Visiting a slum was and was not what I expected. I expected I would become overwhelmed, and cry, and I did actually, but not at what I thought would move me.
My husband's company supports several local organizations doing humanitarian work. When I expressed interest in doing some volunteer work while here, the company offered to organize visits to the programs they are supporting, a mutually beneficial prospect - I get to see some local organizations in action, and the company gets an outside perspective on the work they are contributing to financially.
We arrived at Asha, a community health clinic in a poor New Delhi neighborhood shortly before ten am. We were warmly welcomed by the staff, and led past local residents in the waiting room, to sit in a reception area where we were shown a short film about Asha's work, and provided with refreshments. We then had the opportunity to talk at length with some of the staff. I could have sat talking all day, if the children hadn't begun to fidget after about 30 minutes or more of my questions. I am so curious about the conditions in the slums, the situation here for impoverished children, and women's rights and prospects. I have been silently observing since arriving, and now I could ask questions.
We then toured the medical facility which includes a lab for blood work (equipment provided by my husband's company), an xray room is under construction, a doctor, and an ultrasound room (again, provided by my husband's company). The premises are neat and tidy, though not spacious. Different days are dedicated to seeing different communities of patients - antenatal check up days, pediatric days, etc.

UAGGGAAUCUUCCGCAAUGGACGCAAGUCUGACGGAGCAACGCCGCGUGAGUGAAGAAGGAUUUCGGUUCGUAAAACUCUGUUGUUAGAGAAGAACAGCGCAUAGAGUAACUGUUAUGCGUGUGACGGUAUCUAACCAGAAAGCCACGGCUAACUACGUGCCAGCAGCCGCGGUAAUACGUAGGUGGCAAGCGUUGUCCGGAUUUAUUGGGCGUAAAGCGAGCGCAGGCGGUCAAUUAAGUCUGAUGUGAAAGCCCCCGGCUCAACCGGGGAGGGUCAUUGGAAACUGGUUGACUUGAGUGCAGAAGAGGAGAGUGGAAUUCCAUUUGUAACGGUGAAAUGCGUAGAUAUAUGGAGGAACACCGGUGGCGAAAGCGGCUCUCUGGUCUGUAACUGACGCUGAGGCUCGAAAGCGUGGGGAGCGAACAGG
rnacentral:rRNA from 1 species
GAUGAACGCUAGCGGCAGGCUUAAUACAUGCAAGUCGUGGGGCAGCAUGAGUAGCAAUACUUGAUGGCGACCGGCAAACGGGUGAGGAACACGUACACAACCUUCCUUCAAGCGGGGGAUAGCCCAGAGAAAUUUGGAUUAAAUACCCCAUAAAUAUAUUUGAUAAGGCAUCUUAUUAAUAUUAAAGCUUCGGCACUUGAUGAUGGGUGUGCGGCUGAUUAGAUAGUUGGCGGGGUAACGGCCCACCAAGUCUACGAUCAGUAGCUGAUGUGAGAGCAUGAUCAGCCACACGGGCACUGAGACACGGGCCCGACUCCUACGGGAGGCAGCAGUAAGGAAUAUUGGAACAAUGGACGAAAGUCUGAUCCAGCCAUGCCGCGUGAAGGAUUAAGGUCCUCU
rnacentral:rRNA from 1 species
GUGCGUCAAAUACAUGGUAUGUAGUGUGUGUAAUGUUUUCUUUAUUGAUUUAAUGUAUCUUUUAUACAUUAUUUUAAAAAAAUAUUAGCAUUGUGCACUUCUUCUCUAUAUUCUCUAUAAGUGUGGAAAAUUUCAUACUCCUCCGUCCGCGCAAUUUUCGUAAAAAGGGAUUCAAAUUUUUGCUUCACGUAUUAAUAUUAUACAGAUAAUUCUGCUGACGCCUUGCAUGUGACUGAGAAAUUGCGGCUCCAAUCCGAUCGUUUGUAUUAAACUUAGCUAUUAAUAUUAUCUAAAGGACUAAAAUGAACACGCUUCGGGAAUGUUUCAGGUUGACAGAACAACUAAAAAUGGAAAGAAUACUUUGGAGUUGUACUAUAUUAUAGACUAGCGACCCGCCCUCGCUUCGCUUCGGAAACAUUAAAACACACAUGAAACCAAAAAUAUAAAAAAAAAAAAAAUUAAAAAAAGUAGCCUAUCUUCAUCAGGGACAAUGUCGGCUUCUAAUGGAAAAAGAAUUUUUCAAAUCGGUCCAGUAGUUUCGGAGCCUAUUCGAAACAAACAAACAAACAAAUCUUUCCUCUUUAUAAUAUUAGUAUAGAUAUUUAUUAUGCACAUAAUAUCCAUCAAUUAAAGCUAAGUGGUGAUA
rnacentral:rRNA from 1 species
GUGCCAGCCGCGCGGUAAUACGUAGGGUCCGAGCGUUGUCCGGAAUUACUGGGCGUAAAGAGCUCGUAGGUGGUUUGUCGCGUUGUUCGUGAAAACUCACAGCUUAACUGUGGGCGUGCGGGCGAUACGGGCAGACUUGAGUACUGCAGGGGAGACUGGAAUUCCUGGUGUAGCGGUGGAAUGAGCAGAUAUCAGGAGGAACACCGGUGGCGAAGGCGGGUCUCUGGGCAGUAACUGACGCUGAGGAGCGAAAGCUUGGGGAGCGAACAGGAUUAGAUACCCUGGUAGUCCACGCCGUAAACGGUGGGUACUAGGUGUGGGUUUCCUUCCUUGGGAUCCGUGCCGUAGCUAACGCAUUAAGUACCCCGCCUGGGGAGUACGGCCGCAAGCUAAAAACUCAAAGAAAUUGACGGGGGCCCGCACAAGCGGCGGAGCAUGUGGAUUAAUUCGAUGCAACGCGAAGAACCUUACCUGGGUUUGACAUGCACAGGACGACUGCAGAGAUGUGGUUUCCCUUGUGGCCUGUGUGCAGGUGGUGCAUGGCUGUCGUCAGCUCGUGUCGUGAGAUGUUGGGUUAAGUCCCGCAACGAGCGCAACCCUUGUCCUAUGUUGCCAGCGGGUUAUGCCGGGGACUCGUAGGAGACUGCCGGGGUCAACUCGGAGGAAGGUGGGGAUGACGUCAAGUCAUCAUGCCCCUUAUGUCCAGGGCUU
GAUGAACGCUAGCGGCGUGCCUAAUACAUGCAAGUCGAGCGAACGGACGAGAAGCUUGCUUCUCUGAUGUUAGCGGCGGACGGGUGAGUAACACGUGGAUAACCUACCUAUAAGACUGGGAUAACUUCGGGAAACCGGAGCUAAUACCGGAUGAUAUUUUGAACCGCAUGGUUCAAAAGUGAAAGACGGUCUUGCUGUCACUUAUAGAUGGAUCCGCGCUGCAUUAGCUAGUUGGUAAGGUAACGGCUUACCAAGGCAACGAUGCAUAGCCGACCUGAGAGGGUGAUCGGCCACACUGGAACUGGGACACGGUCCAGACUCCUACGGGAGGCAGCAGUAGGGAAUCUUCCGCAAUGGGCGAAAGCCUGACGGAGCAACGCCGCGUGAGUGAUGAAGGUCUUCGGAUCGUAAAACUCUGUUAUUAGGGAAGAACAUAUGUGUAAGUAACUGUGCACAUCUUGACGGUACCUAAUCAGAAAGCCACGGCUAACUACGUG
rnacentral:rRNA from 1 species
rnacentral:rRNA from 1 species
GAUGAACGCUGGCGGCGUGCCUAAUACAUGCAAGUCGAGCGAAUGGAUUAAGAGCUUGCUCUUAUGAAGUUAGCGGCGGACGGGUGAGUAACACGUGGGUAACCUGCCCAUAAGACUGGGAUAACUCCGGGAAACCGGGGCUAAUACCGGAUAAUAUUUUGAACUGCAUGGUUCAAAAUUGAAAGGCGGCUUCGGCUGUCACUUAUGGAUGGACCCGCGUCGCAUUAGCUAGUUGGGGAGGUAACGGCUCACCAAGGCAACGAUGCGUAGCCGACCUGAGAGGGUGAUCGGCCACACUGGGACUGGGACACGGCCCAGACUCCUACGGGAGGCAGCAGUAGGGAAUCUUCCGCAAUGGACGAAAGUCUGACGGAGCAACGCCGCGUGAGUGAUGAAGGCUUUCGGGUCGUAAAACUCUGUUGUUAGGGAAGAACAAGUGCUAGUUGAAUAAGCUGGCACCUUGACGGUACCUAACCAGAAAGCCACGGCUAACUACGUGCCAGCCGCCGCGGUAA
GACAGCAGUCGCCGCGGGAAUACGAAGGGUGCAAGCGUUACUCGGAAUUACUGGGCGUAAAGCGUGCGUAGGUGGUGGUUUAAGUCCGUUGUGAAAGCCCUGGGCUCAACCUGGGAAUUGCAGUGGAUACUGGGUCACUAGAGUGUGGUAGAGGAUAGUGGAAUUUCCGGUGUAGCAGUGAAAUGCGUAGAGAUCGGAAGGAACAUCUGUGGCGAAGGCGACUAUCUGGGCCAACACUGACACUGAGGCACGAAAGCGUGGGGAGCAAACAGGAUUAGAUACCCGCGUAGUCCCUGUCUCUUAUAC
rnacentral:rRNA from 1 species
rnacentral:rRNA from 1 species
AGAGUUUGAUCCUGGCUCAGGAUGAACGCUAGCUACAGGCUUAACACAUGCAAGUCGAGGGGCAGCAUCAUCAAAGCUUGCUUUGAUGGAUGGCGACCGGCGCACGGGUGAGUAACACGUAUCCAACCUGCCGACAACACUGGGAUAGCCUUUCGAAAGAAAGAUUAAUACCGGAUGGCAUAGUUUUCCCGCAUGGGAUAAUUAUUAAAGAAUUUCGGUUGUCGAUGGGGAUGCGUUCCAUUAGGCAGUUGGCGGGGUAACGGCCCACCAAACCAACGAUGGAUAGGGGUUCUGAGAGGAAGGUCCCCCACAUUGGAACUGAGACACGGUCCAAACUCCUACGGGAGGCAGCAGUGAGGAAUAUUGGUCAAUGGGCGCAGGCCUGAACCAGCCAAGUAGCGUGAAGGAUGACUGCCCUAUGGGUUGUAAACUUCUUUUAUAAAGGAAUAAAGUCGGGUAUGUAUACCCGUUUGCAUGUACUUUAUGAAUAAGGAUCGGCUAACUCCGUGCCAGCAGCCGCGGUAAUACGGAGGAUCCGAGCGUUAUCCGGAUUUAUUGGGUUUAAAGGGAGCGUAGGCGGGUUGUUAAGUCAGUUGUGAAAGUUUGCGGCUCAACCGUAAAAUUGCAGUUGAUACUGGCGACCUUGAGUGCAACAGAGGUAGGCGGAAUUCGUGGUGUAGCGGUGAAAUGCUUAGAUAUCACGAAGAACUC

I spoke to the doctor at length about the antenatal care for women in the slums, cultural impacts on women's and children's health, access to vaccines, nutrition, and contraception...again, I could have listened for hours. She was gracious to tell me so much.
From the medical clinic we got in a bus to drive to a community outreach center in one of New Delhi's slums. Asha runs multiple programs in a variety of areas so we were only seeing two. We drove down a narrow lane way before getting blocked behind a garbage truck, so we hopped out to walk the short distance to the community center. The surrounds were what I have seen in many places here - there is an open sewer that runs in a channel cut into the walkway. Animals like goats, cows, and pigs frequent the landscape. Carts piled with pyramids of perfectly arranged mangoes alternate with stands of symmetrically stacked fried goods, and piles of trash and debris soften all the edges. Children, in various states of dress and undress are about, with or without adults, seemingly cheerful.